“Partition nearly ruined my life” accountant Iftakar Khan explained to me at breakfast, during a field visit to our USAID malaria control project in Pakistan. For centuries Hindus and Muslims coexisted in India constantly fighting over land and religion. In 1947 the British who colonized India decided to permanently fix the problem. An English cartographer was charged with dividing India’s land into three sections. The center section remained India, a Hindu homeland, while the east and west sections birthed the Muslim nation of Pakistan.

Khan, a Muslim, and his widowed mother owned a large farm in northern India. Unaware partition was so imminent, Khan traveled to Lahore to collect a debt owed to his family. The deadbeat lacked sufficient money to pay his debt, but promised if Khan waited two weeks he’d scrounge together the money he owed. Meanwhile, the partition plan was set in motion. Muslims living in India fled from their homes to Pakistan hoping to finding a home abandoned there by Hindus fleeing to India.

With escalating violence, as thousands were slaughtered on “death” trains, the borders between the countries closed. Khan was trapped in Pakistan with no place to stay, no job, with just the money he was carrying. He was worried sick that Hindus would claim his farm, evict his mother, leaving her homeless or dead. For months communications with India were blocked. His only option was to find a laborer’s job with sufficient pay to rent a small room.

His eyes welled and a tear fell onto his cheek as he recalled the utter despair of 38 years before, not knowing his mother’s fate and grief at losing his home and everything he owned. My heart broke for him. Continuing, he recounted that nine months later, he was granted a passport. He immediately left for India. Arriving home, he wept with joy to discover his mother alive and well, protected by close Hindu neighbors. However, their farmland had been claimed by Hindu refugee families. Their emotional reunion was bittersweet as Khan, now a Pakistani citizen, had only a 90 day visa. With a heavy heart, he returned to Pakistan where he built a new life, married and raised three sons.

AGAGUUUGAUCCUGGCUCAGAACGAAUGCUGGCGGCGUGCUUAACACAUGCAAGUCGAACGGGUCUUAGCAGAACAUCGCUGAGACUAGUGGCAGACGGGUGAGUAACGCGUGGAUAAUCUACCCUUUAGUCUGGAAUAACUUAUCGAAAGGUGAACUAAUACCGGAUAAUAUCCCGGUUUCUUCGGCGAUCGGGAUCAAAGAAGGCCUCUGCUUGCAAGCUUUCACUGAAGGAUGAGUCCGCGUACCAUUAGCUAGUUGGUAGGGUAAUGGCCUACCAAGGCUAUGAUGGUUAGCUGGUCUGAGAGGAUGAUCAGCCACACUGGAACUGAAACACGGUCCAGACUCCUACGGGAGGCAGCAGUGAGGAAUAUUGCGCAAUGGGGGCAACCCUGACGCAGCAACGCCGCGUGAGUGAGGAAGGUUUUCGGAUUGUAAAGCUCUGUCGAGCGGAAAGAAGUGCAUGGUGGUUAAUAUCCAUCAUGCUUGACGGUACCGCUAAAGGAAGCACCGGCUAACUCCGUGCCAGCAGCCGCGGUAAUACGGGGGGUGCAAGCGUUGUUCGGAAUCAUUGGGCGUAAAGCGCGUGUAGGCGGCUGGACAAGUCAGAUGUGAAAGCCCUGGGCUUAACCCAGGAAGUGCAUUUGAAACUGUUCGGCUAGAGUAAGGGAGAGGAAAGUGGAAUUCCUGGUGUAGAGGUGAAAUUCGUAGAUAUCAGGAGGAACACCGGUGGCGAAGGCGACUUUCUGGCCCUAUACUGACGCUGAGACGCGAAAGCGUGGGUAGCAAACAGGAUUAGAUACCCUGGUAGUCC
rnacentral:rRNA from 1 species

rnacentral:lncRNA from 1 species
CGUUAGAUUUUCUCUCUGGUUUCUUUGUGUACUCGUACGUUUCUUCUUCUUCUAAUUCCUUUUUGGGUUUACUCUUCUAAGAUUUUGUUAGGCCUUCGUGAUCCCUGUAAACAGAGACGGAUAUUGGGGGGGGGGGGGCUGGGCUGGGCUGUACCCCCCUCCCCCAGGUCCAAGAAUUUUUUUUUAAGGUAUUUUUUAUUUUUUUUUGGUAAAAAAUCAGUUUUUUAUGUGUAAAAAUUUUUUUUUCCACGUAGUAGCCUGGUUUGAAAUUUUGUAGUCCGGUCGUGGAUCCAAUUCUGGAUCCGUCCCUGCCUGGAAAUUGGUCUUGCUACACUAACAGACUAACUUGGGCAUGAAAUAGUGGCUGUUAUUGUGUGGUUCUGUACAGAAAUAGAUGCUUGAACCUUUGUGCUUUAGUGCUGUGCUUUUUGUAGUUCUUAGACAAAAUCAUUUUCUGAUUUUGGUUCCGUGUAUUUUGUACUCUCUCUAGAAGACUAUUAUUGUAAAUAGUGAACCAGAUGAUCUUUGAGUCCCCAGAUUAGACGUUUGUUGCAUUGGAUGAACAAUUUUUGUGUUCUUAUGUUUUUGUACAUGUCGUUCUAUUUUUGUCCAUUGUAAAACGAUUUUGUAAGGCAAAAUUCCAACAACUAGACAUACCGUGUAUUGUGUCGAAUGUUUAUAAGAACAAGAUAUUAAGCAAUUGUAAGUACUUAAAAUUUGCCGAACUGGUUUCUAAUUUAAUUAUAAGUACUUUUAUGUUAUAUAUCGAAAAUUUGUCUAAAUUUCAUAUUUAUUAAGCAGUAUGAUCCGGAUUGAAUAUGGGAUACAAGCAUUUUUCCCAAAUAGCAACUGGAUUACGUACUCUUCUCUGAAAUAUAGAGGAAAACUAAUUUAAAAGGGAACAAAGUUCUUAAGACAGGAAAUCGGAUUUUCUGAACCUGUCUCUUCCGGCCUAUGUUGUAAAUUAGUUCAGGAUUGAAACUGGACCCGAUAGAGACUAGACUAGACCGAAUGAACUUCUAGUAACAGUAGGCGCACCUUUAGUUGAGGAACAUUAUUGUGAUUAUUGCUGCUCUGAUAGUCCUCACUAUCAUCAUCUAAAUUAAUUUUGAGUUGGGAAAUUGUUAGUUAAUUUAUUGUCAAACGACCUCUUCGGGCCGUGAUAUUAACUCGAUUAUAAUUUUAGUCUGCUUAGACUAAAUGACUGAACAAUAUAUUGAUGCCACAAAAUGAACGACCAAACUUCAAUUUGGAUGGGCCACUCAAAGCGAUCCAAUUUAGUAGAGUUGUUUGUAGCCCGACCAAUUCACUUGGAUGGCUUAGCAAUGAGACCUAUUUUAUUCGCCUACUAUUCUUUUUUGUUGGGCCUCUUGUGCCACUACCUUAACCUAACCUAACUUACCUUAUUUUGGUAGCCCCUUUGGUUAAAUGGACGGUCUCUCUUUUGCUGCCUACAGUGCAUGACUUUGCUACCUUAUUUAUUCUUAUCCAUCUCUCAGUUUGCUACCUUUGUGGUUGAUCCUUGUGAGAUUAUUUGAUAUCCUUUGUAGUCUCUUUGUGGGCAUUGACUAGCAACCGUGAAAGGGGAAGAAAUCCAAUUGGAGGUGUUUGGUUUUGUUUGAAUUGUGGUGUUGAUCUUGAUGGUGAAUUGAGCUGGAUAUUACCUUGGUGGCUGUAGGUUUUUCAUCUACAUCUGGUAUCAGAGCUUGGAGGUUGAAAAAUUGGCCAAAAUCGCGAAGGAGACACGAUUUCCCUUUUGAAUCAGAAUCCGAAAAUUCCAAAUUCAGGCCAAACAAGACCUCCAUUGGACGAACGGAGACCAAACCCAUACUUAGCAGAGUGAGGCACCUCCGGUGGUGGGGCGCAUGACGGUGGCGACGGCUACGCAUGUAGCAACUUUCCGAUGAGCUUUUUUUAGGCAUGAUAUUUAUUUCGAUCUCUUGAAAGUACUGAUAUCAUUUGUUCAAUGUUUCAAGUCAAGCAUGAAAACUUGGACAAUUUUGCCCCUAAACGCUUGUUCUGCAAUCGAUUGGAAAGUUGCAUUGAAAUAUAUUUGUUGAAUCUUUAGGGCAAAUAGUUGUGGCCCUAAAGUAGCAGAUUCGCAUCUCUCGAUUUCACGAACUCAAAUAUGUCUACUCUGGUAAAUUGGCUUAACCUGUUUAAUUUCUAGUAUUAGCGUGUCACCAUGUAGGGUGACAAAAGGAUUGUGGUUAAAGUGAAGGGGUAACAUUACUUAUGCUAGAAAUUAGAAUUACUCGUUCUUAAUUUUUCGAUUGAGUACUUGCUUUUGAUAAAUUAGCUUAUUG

Our friendship grew over the four years of my assignment. However, Khan waited until my final week in Pakistan before he dared to invite me into his home, largely because he believed I would be uncomfortable in his humble quarters. It was a memorable evening of feasting and storytelling with his family, dampened only by the realization this would be the last such occasion we’d ever share.

Serendipitously, seven years later, my new job required a short trip to Pakistan. I conspired with another former USAID staff member to take me to Khan’s house for a surprise reunion. The look of disbelief on his face when he opened his door was priceless. I wanted him to know that I had not forgotten him and never would.

— Special to Meetinghouse


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